The team plans to document its methodology to help make it easier for other cities to tackle similar projects. As with Building Inspector, they'll continue to ask the public to participate in the project, and seek collaborations with other groups. Vershbow mentions, for example, Culture in Transit, whose focus on archiving local history artifacts could make for a promising partnership.

"There's an amazing connection between these projects," he says.

Other winning projects include "The Library Freedom Project: Bringing Privacy Education and Digital Tools to Local Communities Through Libraries," to help people better understand digital rights and privacy issues; "Library for All: A digital library for the developing world," which will make library resources available on low-cost mobile devices; and "From open data to open knowledge: Using libraries to turn civic data into a valuable resource for citizens, researchers, and City Hall alike," which will help Boston make its city data more accessible.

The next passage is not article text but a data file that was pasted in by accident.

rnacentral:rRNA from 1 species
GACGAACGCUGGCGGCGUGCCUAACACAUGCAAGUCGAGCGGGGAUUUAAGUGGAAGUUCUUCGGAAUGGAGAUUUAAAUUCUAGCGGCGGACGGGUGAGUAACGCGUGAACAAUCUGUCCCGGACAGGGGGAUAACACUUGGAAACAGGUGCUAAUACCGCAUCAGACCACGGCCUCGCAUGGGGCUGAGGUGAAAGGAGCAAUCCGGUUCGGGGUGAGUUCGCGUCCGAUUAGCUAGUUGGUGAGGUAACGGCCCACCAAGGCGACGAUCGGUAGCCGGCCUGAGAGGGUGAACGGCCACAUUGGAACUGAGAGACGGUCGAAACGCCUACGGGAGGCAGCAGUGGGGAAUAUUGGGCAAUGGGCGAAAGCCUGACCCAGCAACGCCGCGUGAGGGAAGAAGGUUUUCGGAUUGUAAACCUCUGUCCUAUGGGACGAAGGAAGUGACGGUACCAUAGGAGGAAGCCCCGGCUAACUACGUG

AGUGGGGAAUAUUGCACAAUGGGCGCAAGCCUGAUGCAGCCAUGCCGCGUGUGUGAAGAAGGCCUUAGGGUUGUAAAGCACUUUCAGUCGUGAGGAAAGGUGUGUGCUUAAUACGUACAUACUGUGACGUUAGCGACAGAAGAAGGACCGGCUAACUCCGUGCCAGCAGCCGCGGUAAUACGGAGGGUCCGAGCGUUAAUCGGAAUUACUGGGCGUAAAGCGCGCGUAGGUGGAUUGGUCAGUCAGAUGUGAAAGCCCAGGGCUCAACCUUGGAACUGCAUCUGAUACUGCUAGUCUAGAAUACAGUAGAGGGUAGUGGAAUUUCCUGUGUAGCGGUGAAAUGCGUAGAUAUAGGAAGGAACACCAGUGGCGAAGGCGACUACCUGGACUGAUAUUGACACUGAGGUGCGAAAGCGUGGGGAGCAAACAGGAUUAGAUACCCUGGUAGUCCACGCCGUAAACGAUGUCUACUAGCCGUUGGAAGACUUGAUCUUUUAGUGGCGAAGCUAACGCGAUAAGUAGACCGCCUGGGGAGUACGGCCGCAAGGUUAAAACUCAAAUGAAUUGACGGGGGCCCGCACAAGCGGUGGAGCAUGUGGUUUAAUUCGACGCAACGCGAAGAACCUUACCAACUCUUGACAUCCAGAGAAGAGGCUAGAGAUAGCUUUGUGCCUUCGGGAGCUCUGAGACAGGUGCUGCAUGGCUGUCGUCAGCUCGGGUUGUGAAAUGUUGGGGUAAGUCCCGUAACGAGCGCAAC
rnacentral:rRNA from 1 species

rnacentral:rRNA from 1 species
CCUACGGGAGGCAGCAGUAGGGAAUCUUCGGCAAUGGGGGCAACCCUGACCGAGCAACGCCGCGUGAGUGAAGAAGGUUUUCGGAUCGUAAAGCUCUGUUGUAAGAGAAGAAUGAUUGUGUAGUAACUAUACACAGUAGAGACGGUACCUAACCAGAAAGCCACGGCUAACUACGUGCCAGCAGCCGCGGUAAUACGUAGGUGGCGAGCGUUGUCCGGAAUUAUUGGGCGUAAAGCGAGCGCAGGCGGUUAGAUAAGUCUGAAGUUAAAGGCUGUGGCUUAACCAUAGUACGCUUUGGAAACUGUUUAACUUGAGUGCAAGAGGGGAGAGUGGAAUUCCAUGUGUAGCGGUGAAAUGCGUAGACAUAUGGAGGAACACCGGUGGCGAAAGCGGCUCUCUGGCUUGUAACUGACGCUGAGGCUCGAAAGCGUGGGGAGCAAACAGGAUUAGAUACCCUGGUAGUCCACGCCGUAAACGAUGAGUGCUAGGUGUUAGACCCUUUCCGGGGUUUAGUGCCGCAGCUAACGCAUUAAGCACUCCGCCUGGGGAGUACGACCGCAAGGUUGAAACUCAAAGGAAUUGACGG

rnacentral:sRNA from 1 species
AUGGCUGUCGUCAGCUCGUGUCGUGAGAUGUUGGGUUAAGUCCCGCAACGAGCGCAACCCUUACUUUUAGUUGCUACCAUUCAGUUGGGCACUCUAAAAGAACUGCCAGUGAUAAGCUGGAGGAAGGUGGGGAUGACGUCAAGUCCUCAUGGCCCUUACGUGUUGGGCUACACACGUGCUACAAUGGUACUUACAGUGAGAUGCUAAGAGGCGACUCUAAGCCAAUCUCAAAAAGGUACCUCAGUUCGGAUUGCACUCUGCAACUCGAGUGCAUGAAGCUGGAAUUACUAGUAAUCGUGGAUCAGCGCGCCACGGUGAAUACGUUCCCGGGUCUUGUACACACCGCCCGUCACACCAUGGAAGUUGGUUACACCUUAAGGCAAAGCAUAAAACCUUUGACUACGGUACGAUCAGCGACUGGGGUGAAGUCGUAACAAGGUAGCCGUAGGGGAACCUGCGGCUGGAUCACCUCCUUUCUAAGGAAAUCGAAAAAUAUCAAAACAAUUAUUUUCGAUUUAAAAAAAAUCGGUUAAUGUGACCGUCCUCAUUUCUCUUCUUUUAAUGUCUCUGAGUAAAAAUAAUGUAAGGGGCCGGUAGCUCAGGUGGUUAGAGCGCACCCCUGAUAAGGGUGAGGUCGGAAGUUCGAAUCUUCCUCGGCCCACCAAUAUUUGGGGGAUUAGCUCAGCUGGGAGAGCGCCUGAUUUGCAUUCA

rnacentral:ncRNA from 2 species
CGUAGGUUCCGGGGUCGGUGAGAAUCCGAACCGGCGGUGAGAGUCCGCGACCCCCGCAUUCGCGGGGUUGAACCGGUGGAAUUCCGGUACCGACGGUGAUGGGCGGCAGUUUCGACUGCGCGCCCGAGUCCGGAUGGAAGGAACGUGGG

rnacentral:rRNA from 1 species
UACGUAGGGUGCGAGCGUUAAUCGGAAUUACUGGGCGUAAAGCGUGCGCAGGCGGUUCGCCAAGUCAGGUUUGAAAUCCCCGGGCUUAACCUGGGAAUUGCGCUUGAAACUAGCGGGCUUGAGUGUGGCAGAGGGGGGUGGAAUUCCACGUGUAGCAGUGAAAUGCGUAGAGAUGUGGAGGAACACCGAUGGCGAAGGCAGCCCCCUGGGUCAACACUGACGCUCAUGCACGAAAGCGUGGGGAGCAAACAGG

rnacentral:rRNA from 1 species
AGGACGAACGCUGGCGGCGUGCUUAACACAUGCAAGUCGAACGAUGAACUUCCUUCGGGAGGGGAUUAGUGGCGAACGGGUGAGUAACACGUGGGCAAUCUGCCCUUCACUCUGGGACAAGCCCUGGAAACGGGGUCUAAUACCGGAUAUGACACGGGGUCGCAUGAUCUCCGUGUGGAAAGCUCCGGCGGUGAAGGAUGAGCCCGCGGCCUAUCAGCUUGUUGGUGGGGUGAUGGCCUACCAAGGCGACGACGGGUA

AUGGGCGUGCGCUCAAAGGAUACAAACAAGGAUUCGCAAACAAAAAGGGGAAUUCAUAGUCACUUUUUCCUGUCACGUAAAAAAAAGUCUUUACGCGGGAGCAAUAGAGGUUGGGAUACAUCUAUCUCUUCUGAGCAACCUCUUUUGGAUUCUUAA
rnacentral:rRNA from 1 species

Prototype grants include a group of librarians in Illinois who want to replicate an interlibrary loan system for maker tools (like 3-D printers) and the Miami-Dade Public Library, which wants to provide freelancers, entrepreneurs and others with co-working space.

"I'm encouraged to see an emerging set of leaders in the library space who are passionate about taking core values as curator of information… [and as] a unique civic institution that's open to everyone," says Vershbow, "and couple that with the dynamism and the potential of new technology."

"What an exciting moment this is for libraries," he says.